April 6 REA Insights Weekly Commercial Search Report, 2021

Search volumes for commercial property have fallen in the week leading up to Easter, though remain well up from 12 months ago due to the 2020 COVID-19 lockdowns.

Searches to buy commercial property were down 14% compared to last week, with declines seen across every state.

Compared to the 12 months prior, however, ‘For sale’ searches are up 77% nationally.

While well above last year’s levels, this reflects a lower year-on-year change from the two weeks prior. Contributing to this lower level was the lead up to the Easter holidays and the decline in COVID-19 cases recorded in early April 2020.

By state, the Australian Capital Territory and Queensland saw the largest weekly falls in ‘For sale’ searches, down 20% and 19% respectively. Western Australia meanwhile saw the smallest decline in buy searches at -7%.

Compared to the 12 months prior, ‘For sale’ searches in South Australia have seen the strongest growth (up 101%), followed by Western Australia (up 95%) and the Northern Territory (up 80%).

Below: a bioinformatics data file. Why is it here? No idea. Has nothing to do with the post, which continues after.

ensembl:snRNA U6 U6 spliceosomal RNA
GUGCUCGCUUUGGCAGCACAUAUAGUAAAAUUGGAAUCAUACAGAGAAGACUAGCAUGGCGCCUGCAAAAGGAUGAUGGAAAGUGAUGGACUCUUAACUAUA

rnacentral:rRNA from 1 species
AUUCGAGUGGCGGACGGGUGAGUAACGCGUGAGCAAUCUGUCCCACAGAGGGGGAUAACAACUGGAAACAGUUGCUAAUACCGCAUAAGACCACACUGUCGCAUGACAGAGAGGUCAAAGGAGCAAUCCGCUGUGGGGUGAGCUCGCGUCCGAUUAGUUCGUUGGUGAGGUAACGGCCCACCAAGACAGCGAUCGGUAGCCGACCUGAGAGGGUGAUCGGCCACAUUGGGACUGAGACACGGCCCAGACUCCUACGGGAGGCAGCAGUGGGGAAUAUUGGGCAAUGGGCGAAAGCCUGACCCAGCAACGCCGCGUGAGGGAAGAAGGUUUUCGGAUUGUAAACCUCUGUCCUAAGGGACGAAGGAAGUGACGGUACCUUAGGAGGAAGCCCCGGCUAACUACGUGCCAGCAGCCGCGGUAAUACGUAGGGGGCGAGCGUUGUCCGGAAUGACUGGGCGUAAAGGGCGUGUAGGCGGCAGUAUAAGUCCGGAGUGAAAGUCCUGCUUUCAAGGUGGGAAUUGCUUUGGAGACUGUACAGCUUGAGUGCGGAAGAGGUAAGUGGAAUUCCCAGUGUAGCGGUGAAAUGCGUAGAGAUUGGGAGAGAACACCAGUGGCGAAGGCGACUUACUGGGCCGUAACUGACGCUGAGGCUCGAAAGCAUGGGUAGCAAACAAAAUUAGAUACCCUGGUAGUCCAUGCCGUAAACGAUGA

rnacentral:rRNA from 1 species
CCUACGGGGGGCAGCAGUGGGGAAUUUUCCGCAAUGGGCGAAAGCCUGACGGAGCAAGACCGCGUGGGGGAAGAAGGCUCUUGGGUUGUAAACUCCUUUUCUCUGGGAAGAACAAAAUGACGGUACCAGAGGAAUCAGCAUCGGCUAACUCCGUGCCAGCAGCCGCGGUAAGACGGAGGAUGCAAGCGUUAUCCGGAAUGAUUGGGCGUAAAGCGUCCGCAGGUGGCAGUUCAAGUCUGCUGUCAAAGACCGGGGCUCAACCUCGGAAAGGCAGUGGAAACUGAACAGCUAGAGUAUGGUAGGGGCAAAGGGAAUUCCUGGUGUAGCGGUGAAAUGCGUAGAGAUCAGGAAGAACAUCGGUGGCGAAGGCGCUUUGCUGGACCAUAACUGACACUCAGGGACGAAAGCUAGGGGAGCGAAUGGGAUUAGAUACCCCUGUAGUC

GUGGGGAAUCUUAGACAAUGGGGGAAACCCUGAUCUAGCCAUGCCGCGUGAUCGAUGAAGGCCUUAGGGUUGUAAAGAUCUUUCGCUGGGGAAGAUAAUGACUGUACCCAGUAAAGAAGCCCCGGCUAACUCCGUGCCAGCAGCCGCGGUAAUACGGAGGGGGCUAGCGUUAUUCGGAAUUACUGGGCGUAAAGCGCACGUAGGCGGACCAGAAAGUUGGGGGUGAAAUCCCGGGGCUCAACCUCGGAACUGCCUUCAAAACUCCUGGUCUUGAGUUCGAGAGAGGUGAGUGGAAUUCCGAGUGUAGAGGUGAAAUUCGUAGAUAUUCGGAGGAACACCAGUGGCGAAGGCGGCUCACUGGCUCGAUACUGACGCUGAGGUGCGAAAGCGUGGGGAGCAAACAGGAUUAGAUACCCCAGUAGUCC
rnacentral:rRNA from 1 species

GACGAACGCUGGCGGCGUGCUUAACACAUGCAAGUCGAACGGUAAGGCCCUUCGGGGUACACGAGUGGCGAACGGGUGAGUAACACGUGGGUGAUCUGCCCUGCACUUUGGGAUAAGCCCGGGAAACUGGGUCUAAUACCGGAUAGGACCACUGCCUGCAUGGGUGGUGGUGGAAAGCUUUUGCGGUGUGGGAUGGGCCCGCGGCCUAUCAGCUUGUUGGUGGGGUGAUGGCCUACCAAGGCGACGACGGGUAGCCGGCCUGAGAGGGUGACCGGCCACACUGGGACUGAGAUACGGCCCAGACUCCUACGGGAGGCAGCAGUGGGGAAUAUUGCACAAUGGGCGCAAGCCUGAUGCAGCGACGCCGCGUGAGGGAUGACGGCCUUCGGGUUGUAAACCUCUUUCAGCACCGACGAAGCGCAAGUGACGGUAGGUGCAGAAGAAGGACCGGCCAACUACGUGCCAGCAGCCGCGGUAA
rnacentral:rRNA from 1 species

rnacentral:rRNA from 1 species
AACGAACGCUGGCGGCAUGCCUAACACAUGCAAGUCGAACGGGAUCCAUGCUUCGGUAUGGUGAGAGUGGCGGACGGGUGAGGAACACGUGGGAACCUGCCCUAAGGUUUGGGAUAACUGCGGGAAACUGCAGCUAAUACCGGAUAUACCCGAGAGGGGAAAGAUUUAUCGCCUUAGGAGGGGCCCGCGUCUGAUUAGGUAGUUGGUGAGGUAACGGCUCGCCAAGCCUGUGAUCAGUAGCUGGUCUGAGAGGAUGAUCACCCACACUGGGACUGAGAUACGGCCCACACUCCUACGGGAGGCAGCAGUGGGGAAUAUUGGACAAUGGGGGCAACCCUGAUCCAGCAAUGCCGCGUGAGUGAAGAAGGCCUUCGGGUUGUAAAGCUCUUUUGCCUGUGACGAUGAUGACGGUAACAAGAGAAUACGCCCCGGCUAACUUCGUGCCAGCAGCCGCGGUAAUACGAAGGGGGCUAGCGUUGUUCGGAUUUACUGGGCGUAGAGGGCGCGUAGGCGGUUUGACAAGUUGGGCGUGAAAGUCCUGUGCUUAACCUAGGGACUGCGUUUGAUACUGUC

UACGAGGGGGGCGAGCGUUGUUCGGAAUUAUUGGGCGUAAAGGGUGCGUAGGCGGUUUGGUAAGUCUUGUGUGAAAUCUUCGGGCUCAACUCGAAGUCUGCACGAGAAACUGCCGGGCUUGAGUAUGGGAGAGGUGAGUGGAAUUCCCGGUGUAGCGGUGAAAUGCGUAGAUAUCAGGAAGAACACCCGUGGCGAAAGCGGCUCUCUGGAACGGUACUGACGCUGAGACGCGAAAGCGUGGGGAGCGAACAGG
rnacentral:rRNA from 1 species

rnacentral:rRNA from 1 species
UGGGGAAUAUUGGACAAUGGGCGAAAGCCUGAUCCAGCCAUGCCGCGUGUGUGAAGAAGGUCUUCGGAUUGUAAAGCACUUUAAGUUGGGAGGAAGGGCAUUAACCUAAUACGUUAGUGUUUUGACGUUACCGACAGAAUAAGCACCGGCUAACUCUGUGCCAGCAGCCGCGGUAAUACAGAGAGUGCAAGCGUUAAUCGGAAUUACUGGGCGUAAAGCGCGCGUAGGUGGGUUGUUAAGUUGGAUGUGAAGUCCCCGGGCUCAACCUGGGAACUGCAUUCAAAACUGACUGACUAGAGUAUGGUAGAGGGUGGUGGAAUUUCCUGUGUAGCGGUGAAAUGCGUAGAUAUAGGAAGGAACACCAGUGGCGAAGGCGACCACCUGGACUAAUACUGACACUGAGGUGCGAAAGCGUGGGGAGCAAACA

In contrast, Victoria (up 59%) and Tasmania (up 52%) recorded the lowest growth in buy searches over the past 12 months.

‘For lease’ searches also declined across every state over the past week, with volumes down 17% nationally. Despite the week-on-week fall, searches to lease commercial property were 94% higher compared to the 12 months prior.

Over the past week Queensland (-24%) and Victoria (-18%) saw the largest declines in commercial lease searches, while in the Northern Territory volumes were down just 5%.

‘For lease’ searches were at nearly double the level seen during the same period last year, recording a 94% rise nationally. The strongest gains were seen in Western Australia (up 119%), Tasmania (up 117%) and the Australian Capital Territory (up 101%).

The significant year-on-year growth in commercial search volumes seen in both the buy and lease categories are expected to continue to moderate over the remainder of April, though still remain higher than 2020 levels.